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e first question that everybody asks is, why it was done?
and to this I can only reply that our Generals, who have thus far conducted the campaign with entire success, deemed it expedient to do so. When we remember that our army is commanded by Johnston, the greatest General of the age, and by Beauregard, the most skillful engineer, and by Smith, a man of great ability and thorough training, we can well afford to accept expediency as a reason for any movement that may seem singular and uncalledrom all, except the commanding Generals.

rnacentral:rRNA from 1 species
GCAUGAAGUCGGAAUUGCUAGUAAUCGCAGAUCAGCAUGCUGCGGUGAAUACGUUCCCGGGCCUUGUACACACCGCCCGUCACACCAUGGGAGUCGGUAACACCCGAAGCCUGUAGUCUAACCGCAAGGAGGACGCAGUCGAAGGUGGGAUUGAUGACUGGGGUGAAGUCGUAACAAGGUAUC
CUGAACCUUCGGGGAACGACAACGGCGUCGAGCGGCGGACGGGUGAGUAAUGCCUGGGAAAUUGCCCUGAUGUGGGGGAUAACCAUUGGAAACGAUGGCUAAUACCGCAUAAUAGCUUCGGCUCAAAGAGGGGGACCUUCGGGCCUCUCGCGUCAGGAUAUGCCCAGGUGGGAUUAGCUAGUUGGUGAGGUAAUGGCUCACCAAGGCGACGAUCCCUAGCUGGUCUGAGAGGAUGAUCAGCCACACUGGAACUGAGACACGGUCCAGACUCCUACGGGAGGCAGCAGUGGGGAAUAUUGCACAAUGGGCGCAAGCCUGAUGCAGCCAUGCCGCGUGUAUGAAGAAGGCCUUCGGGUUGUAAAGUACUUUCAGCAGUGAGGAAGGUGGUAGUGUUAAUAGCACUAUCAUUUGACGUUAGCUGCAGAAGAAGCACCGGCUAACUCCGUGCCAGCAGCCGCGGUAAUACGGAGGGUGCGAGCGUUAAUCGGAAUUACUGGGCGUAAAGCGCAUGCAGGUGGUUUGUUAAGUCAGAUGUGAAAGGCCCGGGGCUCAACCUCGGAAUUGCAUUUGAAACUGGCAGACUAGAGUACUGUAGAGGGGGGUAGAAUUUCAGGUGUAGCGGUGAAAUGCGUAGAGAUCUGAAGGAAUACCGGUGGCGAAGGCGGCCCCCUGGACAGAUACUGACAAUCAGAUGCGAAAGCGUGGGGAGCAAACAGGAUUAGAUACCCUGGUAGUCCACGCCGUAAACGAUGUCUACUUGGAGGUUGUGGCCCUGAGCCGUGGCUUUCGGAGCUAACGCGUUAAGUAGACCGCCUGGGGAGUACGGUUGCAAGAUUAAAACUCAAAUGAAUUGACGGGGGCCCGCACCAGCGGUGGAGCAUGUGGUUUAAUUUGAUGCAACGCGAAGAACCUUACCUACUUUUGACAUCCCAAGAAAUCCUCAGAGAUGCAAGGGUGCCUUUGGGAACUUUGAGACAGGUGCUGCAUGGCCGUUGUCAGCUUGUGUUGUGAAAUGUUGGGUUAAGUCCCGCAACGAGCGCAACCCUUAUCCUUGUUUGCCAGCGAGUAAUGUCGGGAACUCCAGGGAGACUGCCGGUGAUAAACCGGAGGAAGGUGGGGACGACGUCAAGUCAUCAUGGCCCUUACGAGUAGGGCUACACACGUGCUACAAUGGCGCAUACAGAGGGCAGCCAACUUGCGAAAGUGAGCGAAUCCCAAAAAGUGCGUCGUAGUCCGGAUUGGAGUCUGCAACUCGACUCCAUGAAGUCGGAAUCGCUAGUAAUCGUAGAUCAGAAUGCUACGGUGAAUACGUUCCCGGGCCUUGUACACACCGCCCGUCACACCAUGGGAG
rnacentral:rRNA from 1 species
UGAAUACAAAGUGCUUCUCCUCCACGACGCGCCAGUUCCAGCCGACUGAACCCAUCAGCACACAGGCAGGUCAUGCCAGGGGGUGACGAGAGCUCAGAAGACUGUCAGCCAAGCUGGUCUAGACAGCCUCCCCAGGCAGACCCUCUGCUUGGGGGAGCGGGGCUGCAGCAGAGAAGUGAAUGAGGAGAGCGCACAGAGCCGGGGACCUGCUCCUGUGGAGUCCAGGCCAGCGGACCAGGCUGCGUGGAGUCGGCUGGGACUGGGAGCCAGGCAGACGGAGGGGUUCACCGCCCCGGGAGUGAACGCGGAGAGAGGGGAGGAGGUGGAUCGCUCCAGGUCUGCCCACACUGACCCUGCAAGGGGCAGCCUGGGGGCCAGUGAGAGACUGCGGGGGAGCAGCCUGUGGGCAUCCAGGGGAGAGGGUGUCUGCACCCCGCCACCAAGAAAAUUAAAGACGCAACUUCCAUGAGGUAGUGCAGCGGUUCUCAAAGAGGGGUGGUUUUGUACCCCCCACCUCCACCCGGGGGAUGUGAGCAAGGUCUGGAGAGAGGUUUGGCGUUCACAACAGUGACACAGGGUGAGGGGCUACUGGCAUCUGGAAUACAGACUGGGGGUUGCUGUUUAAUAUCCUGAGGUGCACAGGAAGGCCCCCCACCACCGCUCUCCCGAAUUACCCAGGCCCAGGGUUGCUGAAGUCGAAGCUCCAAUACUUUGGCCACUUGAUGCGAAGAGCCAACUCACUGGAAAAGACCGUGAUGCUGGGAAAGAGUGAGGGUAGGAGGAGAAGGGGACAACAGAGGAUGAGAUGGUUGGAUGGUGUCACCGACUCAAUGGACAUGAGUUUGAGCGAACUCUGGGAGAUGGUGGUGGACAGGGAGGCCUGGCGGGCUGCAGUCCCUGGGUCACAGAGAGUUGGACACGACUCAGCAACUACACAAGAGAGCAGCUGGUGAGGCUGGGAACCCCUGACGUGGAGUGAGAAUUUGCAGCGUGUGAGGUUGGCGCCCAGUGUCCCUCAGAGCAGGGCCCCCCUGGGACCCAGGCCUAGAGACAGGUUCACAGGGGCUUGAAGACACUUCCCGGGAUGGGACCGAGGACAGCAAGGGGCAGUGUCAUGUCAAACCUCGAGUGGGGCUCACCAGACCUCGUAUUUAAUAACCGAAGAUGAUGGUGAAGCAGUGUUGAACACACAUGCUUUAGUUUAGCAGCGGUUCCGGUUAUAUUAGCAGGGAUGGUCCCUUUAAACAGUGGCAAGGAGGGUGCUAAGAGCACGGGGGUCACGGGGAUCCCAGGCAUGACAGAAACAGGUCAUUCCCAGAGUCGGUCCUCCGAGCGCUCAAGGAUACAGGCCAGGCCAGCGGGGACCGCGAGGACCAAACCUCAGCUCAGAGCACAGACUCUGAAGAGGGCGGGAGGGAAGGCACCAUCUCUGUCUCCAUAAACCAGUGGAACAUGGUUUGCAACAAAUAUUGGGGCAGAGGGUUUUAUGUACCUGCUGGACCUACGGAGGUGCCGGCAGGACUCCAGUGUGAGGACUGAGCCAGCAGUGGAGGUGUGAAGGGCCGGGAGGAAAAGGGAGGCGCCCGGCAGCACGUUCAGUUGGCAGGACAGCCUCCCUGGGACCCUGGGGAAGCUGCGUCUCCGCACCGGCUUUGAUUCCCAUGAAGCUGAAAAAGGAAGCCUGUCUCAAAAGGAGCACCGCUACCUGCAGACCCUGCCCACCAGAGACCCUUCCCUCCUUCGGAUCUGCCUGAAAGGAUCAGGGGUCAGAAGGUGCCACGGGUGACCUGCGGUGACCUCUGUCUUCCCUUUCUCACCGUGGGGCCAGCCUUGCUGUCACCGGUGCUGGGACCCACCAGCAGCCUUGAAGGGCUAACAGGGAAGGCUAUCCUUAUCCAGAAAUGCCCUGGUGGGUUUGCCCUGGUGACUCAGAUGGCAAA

If the people have confidence in their Generals, they will be perfectly willing to submit to anything that the good of the country requires — and who is there that does not have confidence in such men as Johnston, Beauregard, Smith, Longstreet, Van Dorn, Stuart, and their confreres?
Some time ago, while speaking of the occupation of Munson's hill, I remarked that it, together with the neighboring eminences, could be made, by the erection of field fo